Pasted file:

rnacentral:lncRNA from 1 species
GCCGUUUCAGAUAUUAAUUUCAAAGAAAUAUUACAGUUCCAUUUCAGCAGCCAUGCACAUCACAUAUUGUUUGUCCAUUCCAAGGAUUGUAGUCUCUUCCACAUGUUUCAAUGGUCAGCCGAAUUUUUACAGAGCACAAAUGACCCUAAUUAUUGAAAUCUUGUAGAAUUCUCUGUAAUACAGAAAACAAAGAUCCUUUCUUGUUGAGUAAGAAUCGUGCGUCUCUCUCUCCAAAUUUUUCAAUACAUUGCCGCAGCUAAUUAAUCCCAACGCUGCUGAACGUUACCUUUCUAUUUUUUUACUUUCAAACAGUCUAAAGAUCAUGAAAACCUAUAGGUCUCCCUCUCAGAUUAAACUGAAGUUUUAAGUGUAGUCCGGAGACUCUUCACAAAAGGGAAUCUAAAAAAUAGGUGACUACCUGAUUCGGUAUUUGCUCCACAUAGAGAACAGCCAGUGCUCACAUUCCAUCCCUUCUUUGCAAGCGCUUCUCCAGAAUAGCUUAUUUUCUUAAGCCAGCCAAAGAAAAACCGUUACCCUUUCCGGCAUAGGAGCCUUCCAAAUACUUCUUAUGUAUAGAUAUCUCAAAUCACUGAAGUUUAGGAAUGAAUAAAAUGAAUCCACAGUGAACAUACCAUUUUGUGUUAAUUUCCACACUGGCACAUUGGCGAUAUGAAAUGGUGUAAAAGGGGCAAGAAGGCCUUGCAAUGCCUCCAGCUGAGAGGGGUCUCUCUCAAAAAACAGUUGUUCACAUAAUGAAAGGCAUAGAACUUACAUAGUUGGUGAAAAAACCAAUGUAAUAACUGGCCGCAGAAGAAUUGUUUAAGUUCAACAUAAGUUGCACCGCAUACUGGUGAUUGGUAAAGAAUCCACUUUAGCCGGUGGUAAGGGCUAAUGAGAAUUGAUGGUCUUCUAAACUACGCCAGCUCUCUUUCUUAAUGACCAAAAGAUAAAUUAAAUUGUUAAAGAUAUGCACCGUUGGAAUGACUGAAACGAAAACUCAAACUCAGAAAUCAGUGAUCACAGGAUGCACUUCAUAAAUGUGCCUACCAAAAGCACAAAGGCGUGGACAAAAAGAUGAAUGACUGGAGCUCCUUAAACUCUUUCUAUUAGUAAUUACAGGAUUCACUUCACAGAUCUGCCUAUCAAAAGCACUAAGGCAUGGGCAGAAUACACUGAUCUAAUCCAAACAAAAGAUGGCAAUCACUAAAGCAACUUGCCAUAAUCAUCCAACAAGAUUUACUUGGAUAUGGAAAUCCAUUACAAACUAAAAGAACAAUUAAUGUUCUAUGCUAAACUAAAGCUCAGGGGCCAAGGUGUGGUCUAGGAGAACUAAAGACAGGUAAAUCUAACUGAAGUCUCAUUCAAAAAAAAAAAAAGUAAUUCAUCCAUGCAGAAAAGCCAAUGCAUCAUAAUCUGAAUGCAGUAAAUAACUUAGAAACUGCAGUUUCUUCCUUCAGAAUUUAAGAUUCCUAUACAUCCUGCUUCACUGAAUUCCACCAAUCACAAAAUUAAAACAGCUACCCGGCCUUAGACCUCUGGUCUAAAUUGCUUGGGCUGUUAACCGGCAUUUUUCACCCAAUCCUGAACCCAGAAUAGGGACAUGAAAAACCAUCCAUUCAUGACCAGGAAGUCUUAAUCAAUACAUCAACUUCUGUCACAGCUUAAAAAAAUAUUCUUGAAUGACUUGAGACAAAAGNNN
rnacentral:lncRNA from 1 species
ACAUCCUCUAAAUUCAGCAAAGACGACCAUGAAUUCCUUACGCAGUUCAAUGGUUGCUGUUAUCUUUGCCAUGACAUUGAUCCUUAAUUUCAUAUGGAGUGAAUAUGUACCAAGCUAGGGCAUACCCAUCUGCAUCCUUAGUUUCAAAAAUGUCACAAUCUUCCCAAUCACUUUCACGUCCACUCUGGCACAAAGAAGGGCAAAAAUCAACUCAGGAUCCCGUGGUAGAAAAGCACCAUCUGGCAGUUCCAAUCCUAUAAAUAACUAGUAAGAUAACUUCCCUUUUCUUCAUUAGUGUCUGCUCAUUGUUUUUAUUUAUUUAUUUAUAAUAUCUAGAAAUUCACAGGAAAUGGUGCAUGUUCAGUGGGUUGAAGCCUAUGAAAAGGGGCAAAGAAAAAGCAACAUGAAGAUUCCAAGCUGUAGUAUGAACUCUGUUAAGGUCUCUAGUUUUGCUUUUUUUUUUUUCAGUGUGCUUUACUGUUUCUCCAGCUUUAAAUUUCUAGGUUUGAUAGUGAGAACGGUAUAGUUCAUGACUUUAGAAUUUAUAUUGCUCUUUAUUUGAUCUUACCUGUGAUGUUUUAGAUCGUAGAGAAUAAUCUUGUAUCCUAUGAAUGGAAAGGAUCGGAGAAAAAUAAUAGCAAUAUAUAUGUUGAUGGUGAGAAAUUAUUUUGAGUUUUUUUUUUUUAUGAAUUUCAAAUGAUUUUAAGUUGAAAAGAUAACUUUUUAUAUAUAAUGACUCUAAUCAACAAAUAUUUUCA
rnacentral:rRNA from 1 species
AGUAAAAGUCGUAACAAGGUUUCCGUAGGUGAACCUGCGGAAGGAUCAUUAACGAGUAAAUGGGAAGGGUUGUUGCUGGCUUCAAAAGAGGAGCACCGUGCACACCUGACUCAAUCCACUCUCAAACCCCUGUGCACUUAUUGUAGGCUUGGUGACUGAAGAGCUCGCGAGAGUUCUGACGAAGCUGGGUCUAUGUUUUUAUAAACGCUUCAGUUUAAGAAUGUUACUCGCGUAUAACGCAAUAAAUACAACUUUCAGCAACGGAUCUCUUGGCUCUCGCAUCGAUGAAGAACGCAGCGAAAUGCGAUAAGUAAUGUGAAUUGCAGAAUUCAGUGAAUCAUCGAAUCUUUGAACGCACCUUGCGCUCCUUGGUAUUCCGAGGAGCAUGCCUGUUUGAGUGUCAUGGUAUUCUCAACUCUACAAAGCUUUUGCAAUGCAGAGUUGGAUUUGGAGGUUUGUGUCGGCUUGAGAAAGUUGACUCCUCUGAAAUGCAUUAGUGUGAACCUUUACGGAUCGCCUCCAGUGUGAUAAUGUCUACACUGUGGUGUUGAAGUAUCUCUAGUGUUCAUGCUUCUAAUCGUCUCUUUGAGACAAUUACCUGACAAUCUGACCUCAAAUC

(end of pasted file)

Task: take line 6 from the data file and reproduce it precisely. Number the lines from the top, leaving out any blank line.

AGUAAAAGUCGUAACAAGGUUUCCGUAGGUGAACCUGCGGAAGGAUCAUUAACGAGUAAAUGGGAAGGGUUGUUGCUGGCUUCAAAAGAGGAGCACCGUGCACACCUGACUCAAUCCACUCUCAAACCCCUGUGCACUUAUUGUAGGCUUGGUGACUGAAGAGCUCGCGAGAGUUCUGACGAAGCUGGGUCUAUGUUUUUAUAAACGCUUCAGUUUAAGAAUGUUACUCGCGUAUAACGCAAUAAAUACAACUUUCAGCAACGGAUCUCUUGGCUCUCGCAUCGAUGAAGAACGCAGCGAAAUGCGAUAAGUAAUGUGAAUUGCAGAAUUCAGUGAAUCAUCGAAUCUUUGAACGCACCUUGCGCUCCUUGGUAUUCCGAGGAGCAUGCCUGUUUGAGUGUCAUGGUAUUCUCAACUCUACAAAGCUUUUGCAAUGCAGAGUUGGAUUUGGAGGUUUGUGUCGGCUUGAGAAAGUUGACUCCUCUGAAAUGCAUUAGUGUGAACCUUUACGGAUCGCCUCCAGUGUGAUAAUGUCUACACUGUGGUGUUGAAGUAUCUCUAGUGUUCAUGCUUCUAAUCGUCUCUUUGAGACAAUUACCUGACAAUCUGACCUCAAAUC